RLR MSport will contest the 2022 Michelin Le Mans Cup with Tommy Foster, who will be partnered by British Am Martin Rich until ‘Racing Reverend’ Simon Butler takes his place from the Monza Round onwards.

Foster was an established race winner in junior single-seaters in both the UK and the USA before taking a hiatus from competitive motorsport in 2020.

However, three speculative LMP3 tests with RLR MSport prompted the Newquay, Cornwall racer to move across from Formula 4 to Le Mans Prototypes, and, in 2021, he continued amassing victories, as a partial Le Mans Cup campaign began with a first-place finish in the Barcelona curtain-raiser.

This time, 19-year old Foster has committed to a full season in the Le Mans Cup, and he’s confident that security will result in consistently strong performances and provide the foundations required for a full-scale title attack.

“I’m really looking forward to hitting the ground running in the 2022 Michelin Le Mans Cup,” said Foster. “RLR MSport and I started the 2021 season absolutely perfectly, peaking early with a victory. Unfortunately, the latter part of the year didn’t go our way, but that’s motorsport. I now have much more experience in LMP3 and, being secure in the knowledge that we have a full season together lifts a lot of pressure and will enable me to perform at my best with a focus on the championship title.

“I’m really happy at RLR MSport; it isn’t often that I’ve gone to a team and liked every person there, but I really do like everyone because they’re hard working and straightforward with a desire to win. In fact, the team’s determination eggs me on.”

Foster added: “I’m also looking forward to visiting a new circuit, with Imola joining the calendar. Most competitors will go there with little or no experience, which will level the playing field, and it’ll be fun learning the tracks and finding setups. Of course, racing in support of the 24 Hours of Le Mans will be a highlight, too.”

Rich, a fixture of historic motor racing paddocks who has long raced with teammate Butler, has gained heaps of LMP3 experience since joining RLR MSport for the 2019 European Le Mans Series, most recently contesting the 2021 Le Mans Cup ‘Road to Le Mans’ races.

However, the London-based driver feels he has much more to give, saying: “I always intended to go racing this year, but it was just a matter of finding the right way to do it, and this is the beginning of what I hope will be a very exciting journey. The Michelin Le Mans Cup entry is as strong as ever, but Tommy (Foster) is incredibly quick and I have no doubt he’ll be at the very front end of the grid from the outset in Le Castellet.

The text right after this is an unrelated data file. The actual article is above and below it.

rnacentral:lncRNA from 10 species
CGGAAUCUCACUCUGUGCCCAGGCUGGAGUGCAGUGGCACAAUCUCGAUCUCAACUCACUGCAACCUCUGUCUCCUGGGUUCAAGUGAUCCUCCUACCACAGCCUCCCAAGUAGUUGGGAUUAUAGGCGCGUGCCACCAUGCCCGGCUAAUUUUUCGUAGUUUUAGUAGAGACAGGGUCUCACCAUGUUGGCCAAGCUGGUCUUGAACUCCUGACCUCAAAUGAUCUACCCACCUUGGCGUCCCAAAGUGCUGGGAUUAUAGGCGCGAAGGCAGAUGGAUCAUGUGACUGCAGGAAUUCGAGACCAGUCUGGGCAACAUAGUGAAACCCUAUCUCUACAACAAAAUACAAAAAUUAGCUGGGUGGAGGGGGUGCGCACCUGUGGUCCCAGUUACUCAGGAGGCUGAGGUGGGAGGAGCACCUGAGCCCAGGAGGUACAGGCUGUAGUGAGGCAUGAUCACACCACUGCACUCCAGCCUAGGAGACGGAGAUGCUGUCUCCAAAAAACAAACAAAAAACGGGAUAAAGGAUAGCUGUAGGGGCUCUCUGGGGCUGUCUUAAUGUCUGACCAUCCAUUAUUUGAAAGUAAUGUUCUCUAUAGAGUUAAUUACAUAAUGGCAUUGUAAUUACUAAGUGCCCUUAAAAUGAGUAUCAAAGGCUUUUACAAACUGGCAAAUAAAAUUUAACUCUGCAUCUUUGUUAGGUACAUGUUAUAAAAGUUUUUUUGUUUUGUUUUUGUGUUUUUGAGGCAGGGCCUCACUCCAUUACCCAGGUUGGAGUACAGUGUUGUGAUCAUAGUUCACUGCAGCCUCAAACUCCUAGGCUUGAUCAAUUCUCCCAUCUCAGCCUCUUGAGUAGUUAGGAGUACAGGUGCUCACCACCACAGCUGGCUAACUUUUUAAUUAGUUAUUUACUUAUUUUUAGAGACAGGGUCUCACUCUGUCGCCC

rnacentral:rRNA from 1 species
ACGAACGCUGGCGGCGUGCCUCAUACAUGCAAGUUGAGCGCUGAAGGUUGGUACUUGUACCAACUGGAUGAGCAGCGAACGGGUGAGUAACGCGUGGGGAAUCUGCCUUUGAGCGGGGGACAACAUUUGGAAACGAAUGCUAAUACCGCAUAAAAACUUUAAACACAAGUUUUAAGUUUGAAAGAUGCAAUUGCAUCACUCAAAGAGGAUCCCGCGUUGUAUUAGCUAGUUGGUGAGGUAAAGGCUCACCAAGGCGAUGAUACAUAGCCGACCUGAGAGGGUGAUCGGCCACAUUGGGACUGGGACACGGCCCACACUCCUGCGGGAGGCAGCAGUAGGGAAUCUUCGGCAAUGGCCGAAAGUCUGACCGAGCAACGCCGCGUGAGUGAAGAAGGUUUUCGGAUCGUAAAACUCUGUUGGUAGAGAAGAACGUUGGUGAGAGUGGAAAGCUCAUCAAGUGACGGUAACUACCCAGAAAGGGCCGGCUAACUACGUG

“I’m also confident I can hold my own against the other Bronze drivers, as I now have quite a bit of experience with LMP3 machinery in various championships. Having said that, there is definitely scope for me to extract even more from myself, but one of RLR MSport’s great strengths is producing a very good baseline setup – as a Bronze driver, it gives me confidence knowing that the car is in a good place – and I believe we will be capable of competing for podiums, or even race wins.”

While Rich will race for RLR MSport in the Le Castellet, Imola and ‘Road to Le Mans’ Rounds, vicar and Bronze driver Butler will pick up the baton at Monza in July.

The ‘Racing Reverend’ – the only ordained priest racing driver – has competed in various disciplines over a period of 25 years, having started in karts in 1996 before progressing to single-seaters and then turning his attention to historic competition.

Butler has had great success in a host of sports and GT cars from the Fifties and Sixties, winning the RAC Woodcote Trophy in 2014 and participating in the Silverstone Classic, Goodwood Revival and Spa 6 Hours, to name but a few.

However, 2022 marks his comeback to contemporary machinery and, while on-track testing will commence in the spring, off-track preparations for his maiden LMP3 campaign are already well underway.

“I’ve taken myself back to the gym and I’m doing four sessions a week with my personal trainer to build up a decent level of strength and fitness in readiness for my first season of LMP3 racing,” said Butler. “The next few weeks will be spent learning the tracks on the simulator and the plan is to then embark on an intense testing programme from April onwards.

“Although I’ve driven ‘wings and slicks’ single-seaters before, the last ten years have all been in historics, so my aim is to simply reacclimatise to contemporary racecars and perform at a respectable level as an Am. I’m conscious that Tommy (Foster) is very quick and has already had success in LMP3, and I want to be up to speed as quickly as possible so we’re a package that’s capable of fighting at the front.”

Butler continued: “Martin (Rich) is a good friend and there’s usually nothing to choose between us whenever we compete, and he will be there to give advice, encouragement and gentle mocking along the way. However, I’m going to attend the first three rounds of the season to sit in on engineering and strategy meetings and understand how we can develop the car, to ensure I’m fully up-to-speed in all areas when I finally go racing myself.”